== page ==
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The term of art in our industry for this type of option pricing formula is a series solution. As Farahvartish indicates in the comments, a series solution is not considered to be an "analytical solution" due to the reliance on a converging infinite sum for actual numeric output.(*) Series solutions have been employed at least since the 1990s, when they ...


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You can write $$\mathbb{E}\left[ \max(a X_T + b X_S -K,0)\right] = \mathbb{E}\left[ \max(a X_S Y_{S,T} + b X_S -K,0)\right],$$ with $Y_{S,T} = X_T/X_S.$ For a given value of $X_S$ we can write $$\mathbb{E}\left[ \max(a X_S Y_{S,T} + b X_S -K,0)\right] = X_S \mathbb{E}\left[ \max(a Y_{S,T} + b -K/X_s,0)\right],$$ since $Y_{S,T}$ is log-normal this can ...


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Let $$I= \mathbb{E}_t^\mathbb{Q}\left[\text{exp}(-2\sigma W_{T-t}) \cdot\mathbb{1}_{S_T\ge K}\right] = \frac{1}{\sqrt{2\pi}} \int_{\hat{d}_2}^{\infty} e^{-2\sigma x} e^{-x^2/2} dx.$$ So $$ I = \frac{1}{\sqrt{2\pi}} \int_{\hat{d}_2}^{\infty} e^{-(x-2\sigma)^2/2} dx \, e^{2\sigma^2}. $$ Change variables $y = x-2\sigma$ and you are done.


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I don't believe you will necessarily find a cite-able source as, I believe, this comes from a practical rather than theoretical motivation. As you know option prices are a function of: future prices, discount rates and implied volatility, volatility surface skew and other supple/demand factors. So when you are trading these instruments, you need to ...


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When a pay-off is piecewise linear plus jumps, it the same as the portfolio of calls and digital calls. Its price must agree with that of the portfolio by no arbitrage. Every time there is a jump we add in a digital call and every time there is a change in gradient we add in calls equal to the gradient change. Here we have a call struck at $K$. Just below ...


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Using the usual arbitrage arguments, we can write option prices as discounted expectations of future values under risk-neutral probabilities. That is $$ V(S,0) = B(0,T) E\left[ V(S,T) \right] $$ Start by re-writing your particular payoff as the following sum $$ C_K+aC_{2K}+KD_K $$ where $C_x$ is a call struck at $x$ and $D_x$ is a digital option struck at ...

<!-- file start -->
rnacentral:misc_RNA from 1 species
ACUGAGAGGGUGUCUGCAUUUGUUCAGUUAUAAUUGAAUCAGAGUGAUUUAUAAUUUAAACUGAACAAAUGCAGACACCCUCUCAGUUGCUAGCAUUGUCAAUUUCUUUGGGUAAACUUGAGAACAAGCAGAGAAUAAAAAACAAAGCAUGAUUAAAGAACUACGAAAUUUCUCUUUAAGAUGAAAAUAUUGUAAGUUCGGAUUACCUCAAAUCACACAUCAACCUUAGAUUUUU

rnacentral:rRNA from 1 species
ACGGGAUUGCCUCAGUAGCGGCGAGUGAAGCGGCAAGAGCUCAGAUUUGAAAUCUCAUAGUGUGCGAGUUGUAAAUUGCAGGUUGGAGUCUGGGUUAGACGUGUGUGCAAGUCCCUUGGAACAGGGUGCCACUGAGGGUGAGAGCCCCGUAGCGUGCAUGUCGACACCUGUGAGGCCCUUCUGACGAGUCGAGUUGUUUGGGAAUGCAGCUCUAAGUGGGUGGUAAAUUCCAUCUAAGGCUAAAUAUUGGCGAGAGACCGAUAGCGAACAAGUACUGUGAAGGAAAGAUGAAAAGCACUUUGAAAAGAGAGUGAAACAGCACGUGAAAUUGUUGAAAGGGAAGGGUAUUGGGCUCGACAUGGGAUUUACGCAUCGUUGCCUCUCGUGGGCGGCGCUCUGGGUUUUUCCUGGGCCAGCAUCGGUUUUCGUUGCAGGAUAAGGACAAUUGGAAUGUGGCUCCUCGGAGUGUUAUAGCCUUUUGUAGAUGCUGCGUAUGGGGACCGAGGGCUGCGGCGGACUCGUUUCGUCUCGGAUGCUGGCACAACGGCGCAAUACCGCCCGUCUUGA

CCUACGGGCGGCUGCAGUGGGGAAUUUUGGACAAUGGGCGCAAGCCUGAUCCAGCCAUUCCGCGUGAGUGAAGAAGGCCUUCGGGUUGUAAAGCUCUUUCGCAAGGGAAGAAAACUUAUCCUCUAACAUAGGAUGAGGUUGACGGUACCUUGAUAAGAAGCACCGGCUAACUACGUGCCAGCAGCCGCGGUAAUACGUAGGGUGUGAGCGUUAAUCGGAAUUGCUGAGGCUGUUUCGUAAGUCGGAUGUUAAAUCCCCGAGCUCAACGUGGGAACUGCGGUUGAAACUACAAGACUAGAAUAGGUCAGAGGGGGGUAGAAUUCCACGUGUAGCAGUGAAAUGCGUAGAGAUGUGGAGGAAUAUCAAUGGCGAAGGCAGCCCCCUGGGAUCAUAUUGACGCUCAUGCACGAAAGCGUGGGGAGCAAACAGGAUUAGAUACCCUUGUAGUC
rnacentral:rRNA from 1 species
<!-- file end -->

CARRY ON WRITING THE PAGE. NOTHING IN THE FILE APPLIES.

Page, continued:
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Ftse100 would not have a smooth dividend yield, as your formula has, it would be discrete, being much higher on certain days of year than others. In pricing options on ftse, u need to take into account implied dividends (dividends that are implied by put call parity)


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To answer your question consider the following example using actual prices for SPY ETF on 7/31/15: "hopey.netfonds.no" By looking at the last 19 trades that occurred at the very last second, you will see a notable price movement on prices. If you go to Google/Yahoo Finance the Closing Price for the ETF is 210.50 (largest trade at the close?) but the very ...


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Essentially the question is importance sampling $$ \int f(S_T) \psi_{r}(S_T) dS_T = \int f(S_T) \psi_{\alpha}(S_T) \frac{\psi_r}{\psi_\alpha}(S_T) dS_T $$ Here $\psi_{\mu}$ denotes the log-normal density with drift $\mu.$ So when you simulate with drift $\alpha$ each sample used is $$ f(S_T) \frac{\psi_r}{\psi_\alpha}(S_T) $$ instead of $f(S_T).$ You ...


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Sorry to disagree but if interest rates is 0, the binary is still not worth $1 now. Suppose spot $S(0) = 100$, assume $x = 110$ and upon touch (whenever it happens as the option has no maturity) you receive one dollar. Suppose I buy 1 stock. If the barrier hits, i sell the stock and receive 110 USD. What if I buy N stocks at t=0? upon hit of barrier i ...



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